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Alternative Names Return to topIntracranial hypotension
Definition Return to top
A CSF leak is an escape of the fluid that surrounds the brain and spinal cord.
Causes Return to top
The dura is the membrane that surrounds the brain and spinal cord and contains the cerebrospinal fluid (CSF). CSF can leak from any hole or tear in the dura.
Causes of a tear in the dura include:
Sometimes there is no cause.
Symptoms Return to top
Symptoms may include:
Exams and Tests Return to top
Diagnosis is usually based on your history of injury, surgery, or lumbar puncture.
Tests may include:
Treatment Return to top
Depending on the cause of the leak, many cases go away on their own after a few days. Complete bed rest for several days is usually recommended.
Headache may be treated with pain relievers and fluids. If the headache lasts longer than a week after a lumbar puncture, a procedure may be done to block the hole that may be leaking fluid. This is called a blood patch, because a blood clot can be used to clog the leak. In most cases, this makes symptoms go away. Rarely, surgery is needed to repair a tear in the dura and stop the headache.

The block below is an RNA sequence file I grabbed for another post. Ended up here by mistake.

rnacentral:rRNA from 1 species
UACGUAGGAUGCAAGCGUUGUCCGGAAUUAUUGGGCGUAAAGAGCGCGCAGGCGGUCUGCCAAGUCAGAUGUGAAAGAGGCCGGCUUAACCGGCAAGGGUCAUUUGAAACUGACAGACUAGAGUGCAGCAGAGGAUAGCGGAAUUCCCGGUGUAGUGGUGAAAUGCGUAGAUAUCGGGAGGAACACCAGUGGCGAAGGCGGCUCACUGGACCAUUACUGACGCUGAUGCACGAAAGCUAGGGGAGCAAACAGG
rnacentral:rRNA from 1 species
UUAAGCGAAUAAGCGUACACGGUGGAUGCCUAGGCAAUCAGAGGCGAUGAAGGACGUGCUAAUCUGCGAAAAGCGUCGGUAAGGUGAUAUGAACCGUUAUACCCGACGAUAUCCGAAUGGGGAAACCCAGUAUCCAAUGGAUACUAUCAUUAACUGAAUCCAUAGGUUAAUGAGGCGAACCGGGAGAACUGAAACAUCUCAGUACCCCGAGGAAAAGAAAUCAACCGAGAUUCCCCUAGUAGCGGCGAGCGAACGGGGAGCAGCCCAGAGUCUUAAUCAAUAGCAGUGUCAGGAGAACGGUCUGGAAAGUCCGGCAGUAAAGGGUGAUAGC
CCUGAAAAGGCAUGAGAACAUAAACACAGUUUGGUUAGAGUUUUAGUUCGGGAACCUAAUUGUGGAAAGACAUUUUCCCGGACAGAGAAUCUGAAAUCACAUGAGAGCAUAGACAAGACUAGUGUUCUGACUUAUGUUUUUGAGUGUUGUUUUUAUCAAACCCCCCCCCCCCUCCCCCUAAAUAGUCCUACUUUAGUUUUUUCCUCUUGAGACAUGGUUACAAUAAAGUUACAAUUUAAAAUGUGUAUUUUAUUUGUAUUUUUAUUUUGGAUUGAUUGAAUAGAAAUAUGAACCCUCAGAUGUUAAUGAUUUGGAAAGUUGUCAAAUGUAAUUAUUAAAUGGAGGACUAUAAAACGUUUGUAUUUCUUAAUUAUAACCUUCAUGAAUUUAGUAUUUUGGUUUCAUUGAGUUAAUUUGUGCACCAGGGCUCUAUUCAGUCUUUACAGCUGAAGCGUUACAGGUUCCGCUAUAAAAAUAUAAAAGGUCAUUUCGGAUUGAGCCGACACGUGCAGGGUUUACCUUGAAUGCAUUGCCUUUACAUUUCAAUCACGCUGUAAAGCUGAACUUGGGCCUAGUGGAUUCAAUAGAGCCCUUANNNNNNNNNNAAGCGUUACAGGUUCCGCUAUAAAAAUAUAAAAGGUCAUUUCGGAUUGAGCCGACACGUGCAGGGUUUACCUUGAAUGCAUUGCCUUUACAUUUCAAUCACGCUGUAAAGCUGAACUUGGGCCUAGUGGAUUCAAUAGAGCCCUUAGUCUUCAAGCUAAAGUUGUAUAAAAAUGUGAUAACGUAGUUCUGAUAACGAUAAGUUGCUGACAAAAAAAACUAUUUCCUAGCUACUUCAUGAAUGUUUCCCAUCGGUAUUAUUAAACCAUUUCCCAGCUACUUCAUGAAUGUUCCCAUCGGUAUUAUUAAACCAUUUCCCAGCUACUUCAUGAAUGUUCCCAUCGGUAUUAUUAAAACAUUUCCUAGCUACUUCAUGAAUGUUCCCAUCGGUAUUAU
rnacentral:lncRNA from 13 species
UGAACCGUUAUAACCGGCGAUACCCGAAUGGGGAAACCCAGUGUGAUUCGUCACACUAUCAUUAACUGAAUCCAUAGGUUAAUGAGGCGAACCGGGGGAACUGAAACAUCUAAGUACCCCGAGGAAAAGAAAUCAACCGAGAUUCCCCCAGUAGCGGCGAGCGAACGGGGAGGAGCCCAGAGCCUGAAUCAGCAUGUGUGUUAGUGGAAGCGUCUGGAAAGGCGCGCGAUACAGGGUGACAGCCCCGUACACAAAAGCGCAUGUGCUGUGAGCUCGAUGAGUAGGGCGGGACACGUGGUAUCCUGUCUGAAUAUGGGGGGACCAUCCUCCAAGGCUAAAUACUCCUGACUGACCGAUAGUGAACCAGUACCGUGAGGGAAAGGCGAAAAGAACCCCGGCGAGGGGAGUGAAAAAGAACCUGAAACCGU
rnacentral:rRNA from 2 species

If symptoms of infection occur (fever, chills, change in mental status), antibiotic therapy is needed.
Outlook (Prognosis) Return to top
The outlook is usually good depending on the cause. Most cases heal by themselves with no lasting symptoms.
Possible Complications Return to top
Complications may occur if the cause is surgery or trauma. Infections can cause serious complications, such as swelling of the brain.
When to Contact a Medical Professional Return to top
Call your health care provider if:
Prevention Return to top
Measures such as wearing a helmet when riding a bicycle or motorcycle can help prevent head injuries that can lead to CSF leak.
References Return to topHeegaard WG, Biros MH. Head. In: Marx J, ed. Rosen's Emergency Medicine: Concepts and Clinical Practice. 6th ed. Philadelphia, Pa: Mosby Elsevier; 2006:chap 38. Update Date: 9/22/2008 Updated by: Daniel B. Hoch, PhD, MD, Assistant Professor of Neurology, Harvard Medical School, Department of Neurology, Massachusetts General Hospital. Also reviewed by David Zieve, MD, MHA, Medical Director, A.D.A.M., Inc.